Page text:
If your request for a raise has been denied, and you’re not sure why, it doesn’t mean that you should give up. Here are a few steps you can follow to keep the momentum going after getting “no” for an answer:
1. Get the context and the details.
If you didn’t get a clear reason for the “no” at the initial meeting, be sure to follow up and learn more. Ask open-ended questions such as, “What’s contributing to your decision?” Understanding how the decision makers view the situation will give you a better idea of what went into the decision and may help you get what you want faster.
2. Continue to build your case.
If you approached your original ask for a raise
correctly, you had a list of your accomplishments and results you’ve driven for your organization. Additionally, you would have highlighted items that have helped in cross-team efforts. Now you need to get your boss to articulate what specific goals you need to meet or skills you need to master – and a timeline to accomplish them – to get you to the level where they would re-visit giving you a raise.
3. Ask for ongoing check-ins.
To demonstrate that you’re still invested in your job, ask for a meeting in the future to talk to your manager and revisit the issue of a raise. Doing this will show your manager that you’re letting go of the rejection
and already working towards a more positive outcome in the future.
4. Know the next best thing you want to ask for.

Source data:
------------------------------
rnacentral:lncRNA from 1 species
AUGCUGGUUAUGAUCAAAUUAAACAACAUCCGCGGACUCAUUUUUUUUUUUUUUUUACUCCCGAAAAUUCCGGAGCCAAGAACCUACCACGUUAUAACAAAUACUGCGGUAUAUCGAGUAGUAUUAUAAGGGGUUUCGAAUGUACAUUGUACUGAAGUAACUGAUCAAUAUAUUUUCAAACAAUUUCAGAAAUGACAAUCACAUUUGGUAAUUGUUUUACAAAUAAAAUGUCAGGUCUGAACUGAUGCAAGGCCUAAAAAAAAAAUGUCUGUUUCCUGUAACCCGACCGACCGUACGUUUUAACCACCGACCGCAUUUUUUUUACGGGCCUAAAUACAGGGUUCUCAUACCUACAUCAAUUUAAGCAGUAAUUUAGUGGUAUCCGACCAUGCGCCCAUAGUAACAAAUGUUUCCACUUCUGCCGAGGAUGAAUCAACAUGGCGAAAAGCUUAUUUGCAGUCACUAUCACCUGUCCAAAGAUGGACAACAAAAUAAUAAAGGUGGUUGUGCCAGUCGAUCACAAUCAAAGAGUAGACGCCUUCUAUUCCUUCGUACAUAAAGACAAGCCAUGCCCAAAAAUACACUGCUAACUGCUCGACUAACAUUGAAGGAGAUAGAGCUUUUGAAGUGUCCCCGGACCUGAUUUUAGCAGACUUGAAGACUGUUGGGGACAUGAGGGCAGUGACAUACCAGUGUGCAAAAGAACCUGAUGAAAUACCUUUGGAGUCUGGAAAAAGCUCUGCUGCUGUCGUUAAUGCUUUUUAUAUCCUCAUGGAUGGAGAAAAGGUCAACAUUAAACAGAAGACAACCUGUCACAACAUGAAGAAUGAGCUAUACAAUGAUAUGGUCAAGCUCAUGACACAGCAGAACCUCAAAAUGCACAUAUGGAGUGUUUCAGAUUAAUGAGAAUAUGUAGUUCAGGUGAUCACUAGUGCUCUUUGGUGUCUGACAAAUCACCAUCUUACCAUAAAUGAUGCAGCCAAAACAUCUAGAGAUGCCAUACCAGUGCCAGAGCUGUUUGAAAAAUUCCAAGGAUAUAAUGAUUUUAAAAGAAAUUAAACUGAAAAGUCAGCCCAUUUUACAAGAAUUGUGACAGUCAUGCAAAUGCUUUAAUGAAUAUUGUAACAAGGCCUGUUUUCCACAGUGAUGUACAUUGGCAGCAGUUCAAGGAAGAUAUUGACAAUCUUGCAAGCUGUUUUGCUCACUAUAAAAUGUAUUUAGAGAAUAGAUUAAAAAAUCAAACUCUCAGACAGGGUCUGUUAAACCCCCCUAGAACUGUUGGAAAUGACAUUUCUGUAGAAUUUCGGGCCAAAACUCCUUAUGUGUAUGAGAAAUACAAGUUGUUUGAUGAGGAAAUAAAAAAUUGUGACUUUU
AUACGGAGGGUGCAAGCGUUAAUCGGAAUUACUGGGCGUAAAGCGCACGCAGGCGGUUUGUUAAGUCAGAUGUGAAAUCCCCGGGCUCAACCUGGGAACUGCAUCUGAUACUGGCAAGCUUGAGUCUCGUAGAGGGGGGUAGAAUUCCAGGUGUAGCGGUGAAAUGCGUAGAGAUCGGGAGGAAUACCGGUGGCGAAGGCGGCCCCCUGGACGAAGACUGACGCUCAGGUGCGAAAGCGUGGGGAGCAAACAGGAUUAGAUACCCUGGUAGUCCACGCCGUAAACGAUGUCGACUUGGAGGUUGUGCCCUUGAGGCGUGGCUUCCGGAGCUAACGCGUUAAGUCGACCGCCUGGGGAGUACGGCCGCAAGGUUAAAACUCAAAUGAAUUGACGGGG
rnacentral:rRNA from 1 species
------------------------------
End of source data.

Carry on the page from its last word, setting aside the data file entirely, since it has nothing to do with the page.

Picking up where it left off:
Once you understand how your boss and other decision makers are seeing the situation, you may discover that your company isn’t in a position financially to give you more money, but you may be able to get the next best thing. You can try to ask for more vacation, tuition reimbursement, an earlier performance review
, or the ability to work remotely.
5. Consider a new job.
If you truly feel like you have a bad boss
or you’re at a company that doesn’t treat all workers fairly, it might be time to jump ship. Don’t let this decision be a knee-jerk reaction, but if you’ve met your goals, you’re performing consistently and you’re still denied raises and opportunities for advancement, then it might be best to move onto a new opportunity.
— Jingchao Zhao
This story originally appeared on PayScale. Jingcong (“JC”) Zhao was a Senior Content Marketing Manager at PayScale. She enjoys sharing ideas and stories on how compensation professionals, HR leaders and business leaders can build winning organizations. JC spent the last five years in communications, content strategy and demand generation roles in B2B software companies as well as agency settings. Prior to PayScale, she was the Head of Content for Socedo - a company that helps B2B marketers automate lead generation through social media. In her spare time, JC likes to perform improv comedy, engage in Latin dancing, and advise students and young professionals on topics such as creating business plans, marketing and career planning.